A rose by any other name is just how I choose to describe it



Don’t tell me the moon is shining; show me the glint of light on broken glass.
–Anton Chekhov


There have been times when I have been writing that I feel my words have become too “flowery”, too descriptive.  I love to take imagery and let the reader truly visualize what it is that I am trying to convey.  I am also a big fan of using metaphors to get my point across.

For a few brief sentences, I tried to rein in the flourish in my writing and then I realized I would be doing myself a grave injustice.  I would be writing with another voice that is distant from the one I have come to know and love.  Sure, I could artlessly tell you that the rose petal was falling off, but I would rather tell you that the withered skin of the aging rosebud hung listlessly, clinging desperately to the last breath of life held in the stem.  That is my writing voice, that is who I am when I am being true to my craft.

But it is hard to find the balance between too much and not enough.  When I write, I want the person reading to be able to smell, taste and feel my words.  I want that person to be so immersed in the images that they feel like they have left their physical world and have been transported into my words.  But I don’t want them to get so lost in the description that they feel the train of the story is going recklessly off the tracks.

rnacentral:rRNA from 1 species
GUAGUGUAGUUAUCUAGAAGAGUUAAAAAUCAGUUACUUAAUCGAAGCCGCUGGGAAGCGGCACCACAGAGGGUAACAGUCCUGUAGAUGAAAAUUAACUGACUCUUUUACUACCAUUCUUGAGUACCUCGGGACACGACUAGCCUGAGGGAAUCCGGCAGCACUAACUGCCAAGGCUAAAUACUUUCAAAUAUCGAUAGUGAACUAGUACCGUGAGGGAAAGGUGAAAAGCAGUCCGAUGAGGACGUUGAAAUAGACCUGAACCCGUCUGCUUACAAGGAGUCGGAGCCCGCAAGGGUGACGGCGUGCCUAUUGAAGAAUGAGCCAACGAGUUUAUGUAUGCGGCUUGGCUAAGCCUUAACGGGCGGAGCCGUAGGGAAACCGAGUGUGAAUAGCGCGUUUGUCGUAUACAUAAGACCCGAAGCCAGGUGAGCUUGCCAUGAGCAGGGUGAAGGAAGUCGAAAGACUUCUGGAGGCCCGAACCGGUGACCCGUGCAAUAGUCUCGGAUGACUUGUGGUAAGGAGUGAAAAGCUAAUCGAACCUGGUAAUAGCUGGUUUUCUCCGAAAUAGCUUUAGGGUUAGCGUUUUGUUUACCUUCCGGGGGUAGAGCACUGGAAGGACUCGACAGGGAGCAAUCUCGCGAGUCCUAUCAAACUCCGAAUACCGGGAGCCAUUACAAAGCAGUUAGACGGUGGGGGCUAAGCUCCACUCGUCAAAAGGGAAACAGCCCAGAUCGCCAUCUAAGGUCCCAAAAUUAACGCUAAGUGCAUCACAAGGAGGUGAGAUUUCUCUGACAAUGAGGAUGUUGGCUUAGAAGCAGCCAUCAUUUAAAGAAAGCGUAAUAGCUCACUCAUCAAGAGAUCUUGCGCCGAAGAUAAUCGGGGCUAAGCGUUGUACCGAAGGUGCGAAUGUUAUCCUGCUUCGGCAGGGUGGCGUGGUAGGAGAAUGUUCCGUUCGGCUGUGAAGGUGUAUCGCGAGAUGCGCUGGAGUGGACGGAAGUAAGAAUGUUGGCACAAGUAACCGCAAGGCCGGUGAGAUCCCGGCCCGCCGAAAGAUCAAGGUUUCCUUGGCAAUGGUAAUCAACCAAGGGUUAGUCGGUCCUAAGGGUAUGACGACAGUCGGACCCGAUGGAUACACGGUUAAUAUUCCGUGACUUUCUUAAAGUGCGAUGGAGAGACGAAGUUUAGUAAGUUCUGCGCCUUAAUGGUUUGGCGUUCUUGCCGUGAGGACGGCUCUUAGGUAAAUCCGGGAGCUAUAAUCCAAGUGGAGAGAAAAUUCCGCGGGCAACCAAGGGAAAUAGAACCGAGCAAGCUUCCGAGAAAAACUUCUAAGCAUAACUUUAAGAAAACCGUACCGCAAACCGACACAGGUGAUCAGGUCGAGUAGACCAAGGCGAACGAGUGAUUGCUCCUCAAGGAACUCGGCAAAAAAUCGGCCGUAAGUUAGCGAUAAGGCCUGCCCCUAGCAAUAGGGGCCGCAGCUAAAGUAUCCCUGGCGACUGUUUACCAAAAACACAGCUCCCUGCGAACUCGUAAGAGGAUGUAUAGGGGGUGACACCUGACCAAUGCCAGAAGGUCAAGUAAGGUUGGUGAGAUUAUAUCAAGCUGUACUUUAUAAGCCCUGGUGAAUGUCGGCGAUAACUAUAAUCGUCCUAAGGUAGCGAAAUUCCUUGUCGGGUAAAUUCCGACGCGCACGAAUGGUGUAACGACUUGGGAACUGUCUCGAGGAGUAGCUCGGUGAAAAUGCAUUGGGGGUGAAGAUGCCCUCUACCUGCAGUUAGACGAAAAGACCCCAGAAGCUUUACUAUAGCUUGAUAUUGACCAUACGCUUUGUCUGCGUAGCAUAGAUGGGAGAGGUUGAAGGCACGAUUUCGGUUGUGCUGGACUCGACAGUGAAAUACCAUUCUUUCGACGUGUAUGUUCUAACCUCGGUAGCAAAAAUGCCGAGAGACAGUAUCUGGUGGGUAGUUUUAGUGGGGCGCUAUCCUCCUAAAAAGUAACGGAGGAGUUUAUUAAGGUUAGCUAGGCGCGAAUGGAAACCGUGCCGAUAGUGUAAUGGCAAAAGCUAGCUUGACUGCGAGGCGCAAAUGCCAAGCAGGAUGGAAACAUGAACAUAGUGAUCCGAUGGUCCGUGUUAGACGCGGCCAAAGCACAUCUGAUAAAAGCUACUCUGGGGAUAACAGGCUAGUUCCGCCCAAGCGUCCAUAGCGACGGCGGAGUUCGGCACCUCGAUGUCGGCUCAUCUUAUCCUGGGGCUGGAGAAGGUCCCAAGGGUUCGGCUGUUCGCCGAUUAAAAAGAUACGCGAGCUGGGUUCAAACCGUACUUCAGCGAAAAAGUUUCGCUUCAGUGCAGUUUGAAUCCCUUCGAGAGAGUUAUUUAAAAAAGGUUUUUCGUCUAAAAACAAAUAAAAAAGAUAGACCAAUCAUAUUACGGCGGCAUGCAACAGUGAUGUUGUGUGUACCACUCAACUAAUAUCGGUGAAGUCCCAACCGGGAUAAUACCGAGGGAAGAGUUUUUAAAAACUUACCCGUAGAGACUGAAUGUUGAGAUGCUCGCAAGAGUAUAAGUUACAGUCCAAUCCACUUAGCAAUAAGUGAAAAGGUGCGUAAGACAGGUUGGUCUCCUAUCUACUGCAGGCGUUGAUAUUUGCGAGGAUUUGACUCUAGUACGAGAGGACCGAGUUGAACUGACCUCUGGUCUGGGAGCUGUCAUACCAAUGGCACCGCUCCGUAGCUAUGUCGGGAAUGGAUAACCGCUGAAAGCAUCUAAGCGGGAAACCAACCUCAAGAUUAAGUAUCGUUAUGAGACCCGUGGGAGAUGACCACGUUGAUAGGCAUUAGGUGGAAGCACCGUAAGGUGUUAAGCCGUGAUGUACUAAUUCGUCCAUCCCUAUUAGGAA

Perhaps the delay in writing my book was to allow my voice to develop through my blog.  I have achieved a level of comfort here with my words and my ideas and I know that my voice is my own and not a weak interpretation of another.  I don’t just feel like I am telling meaningless stories anymore, I feel like a writer.  And Mr. Chekhov, I will never be the one to simply tell you that the moon is shining.

 (Thank you Daily Post for the encouragement)

10 thoughts on “A rose by any other name is just how I choose to describe it

  1. I couldn’t agree more 🙂 Definitely best to be true to your voice. I think blogging is a good way to find your courage and work out which is your own voice. I’ve been suprised at where my own voice has gone. I’ve always enjoyed the descriptive writers such as William Faulkner and Annie Proulx. I also enjoy the succinct writing of those such as Raymond Carver. I’m finding that in my longer pieces there is a feeling of being descriptive as succinctly as I can! I’m not always sure if it always reads well, perhaps it is sometimes too jumpy. But I’m enjoying the learning curve!

  2. I came across this quote recently and it struck a chord with me. I love descriptive stories and I write that way as well.

  3. Happy for you, as I am still struggling to find my voice. I know what it isn’t, but not necessarily what it is. Your “flowery” writing is great — good luck with the book!

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